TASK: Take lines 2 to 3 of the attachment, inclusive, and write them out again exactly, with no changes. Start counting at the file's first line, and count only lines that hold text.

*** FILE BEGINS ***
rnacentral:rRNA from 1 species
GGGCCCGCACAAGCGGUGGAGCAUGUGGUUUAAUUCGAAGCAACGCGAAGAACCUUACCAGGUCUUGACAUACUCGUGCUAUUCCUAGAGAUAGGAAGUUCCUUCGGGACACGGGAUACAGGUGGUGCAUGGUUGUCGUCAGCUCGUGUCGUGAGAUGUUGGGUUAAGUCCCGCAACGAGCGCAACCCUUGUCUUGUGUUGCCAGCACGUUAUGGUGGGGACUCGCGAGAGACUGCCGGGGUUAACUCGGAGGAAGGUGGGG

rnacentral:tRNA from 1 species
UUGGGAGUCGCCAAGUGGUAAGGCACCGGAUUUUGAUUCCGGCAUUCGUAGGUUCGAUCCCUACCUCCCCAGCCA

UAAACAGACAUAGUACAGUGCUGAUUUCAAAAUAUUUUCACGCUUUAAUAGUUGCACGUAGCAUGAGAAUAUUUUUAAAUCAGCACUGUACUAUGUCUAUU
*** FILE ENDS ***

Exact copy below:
GGGCCCGCACAAGCGGUGGAGCAUGUGGUUUAAUUCGAAGCAACGCGAAGAACCUUACCAGGUCUUGACAUACUCGUGCUAUUCCUAGAGAUAGGAAGUUCCUUCGGGACACGGGAUACAGGUGGUGCAUGGUUGUCGUCAGCUCGUGUCGUGAGAUGUUGGGUUAAGUCCCGCAACGAGCGCAACCCUUGUCUUGUGUUGCCAGCACGUUAUGGUGGGGACUCGCGAGAGACUGCCGGGGUUAACUCGGAGGAAGGUGGGG

rnacentral:tRNA from 1 species